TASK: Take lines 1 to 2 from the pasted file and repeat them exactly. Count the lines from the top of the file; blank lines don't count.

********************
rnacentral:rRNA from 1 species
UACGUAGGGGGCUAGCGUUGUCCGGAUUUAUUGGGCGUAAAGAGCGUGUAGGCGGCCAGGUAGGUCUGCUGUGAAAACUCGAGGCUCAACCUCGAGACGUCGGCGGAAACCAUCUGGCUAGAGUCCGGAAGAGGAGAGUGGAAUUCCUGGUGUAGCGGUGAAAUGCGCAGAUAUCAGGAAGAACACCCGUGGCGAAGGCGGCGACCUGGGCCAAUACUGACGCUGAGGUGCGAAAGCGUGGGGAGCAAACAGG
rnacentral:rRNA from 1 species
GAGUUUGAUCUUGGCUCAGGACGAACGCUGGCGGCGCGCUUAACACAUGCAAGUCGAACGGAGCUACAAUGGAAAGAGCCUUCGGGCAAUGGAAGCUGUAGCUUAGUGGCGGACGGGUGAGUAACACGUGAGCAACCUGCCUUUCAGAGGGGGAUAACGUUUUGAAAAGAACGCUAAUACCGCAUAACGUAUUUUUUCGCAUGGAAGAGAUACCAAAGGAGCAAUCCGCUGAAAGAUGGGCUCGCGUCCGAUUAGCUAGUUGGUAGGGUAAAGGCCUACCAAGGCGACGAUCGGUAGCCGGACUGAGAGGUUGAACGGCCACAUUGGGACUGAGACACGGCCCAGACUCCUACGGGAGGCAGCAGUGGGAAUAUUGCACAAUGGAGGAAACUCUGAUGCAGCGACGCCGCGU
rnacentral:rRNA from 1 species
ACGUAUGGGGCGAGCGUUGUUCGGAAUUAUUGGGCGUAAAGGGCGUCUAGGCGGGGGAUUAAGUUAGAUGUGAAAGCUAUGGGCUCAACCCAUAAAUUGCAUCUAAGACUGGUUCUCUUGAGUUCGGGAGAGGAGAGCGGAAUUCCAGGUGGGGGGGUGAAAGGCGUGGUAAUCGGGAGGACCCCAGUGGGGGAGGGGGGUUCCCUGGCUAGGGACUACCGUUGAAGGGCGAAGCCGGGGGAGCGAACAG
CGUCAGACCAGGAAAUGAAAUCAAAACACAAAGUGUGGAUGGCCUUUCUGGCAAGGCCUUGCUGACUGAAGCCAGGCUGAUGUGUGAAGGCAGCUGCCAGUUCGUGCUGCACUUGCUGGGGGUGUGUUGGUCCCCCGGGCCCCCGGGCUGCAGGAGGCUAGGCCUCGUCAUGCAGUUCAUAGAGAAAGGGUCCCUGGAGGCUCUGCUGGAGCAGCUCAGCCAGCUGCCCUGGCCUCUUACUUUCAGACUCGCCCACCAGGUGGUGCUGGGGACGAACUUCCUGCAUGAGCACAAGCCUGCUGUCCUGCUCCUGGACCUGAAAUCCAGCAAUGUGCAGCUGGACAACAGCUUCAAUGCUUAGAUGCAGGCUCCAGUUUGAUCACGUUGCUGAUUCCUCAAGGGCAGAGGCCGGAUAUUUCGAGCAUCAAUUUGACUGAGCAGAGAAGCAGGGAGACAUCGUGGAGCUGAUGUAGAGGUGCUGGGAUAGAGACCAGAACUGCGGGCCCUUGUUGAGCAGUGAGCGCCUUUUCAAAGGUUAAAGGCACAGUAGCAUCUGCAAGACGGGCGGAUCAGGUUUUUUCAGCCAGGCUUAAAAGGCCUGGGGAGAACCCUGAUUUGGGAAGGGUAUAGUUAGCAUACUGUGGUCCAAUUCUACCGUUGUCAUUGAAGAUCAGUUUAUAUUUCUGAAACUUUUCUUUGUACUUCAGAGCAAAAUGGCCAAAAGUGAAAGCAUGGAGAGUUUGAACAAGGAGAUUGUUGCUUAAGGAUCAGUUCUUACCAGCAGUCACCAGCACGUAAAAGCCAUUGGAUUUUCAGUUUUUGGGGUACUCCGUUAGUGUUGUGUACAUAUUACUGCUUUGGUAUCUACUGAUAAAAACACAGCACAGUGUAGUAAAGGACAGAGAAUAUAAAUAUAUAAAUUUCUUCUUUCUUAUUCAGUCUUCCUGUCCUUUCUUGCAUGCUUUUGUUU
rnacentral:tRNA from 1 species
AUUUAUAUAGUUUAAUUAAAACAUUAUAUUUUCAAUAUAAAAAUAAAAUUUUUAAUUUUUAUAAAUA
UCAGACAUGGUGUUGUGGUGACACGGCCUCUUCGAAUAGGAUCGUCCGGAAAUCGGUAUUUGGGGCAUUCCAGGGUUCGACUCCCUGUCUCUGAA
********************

rnacentral:rRNA from 1 species
UACGUAGGGGGCUAGCGUUGUCCGGAUUUAUUGGGCGUAAAGAGCGUGUAGGCGGCCAGGUAGGUCUGCUGUGAAAACUCGAGGCUCAACCUCGAGACGUCGGCGGAAACCAUCUGGCUAGAGUCCGGAAGAGGAGAGUGGAAUUCCUGGUGUAGCGGUGAAAUGCGCAGAUAUCAGGAAGAACACCCGUGGCGAAGGCGGCGACCUGGGCCAAUACUGACGCUGAGGUGCGAAAGCGUGGGGAGCAAACAGG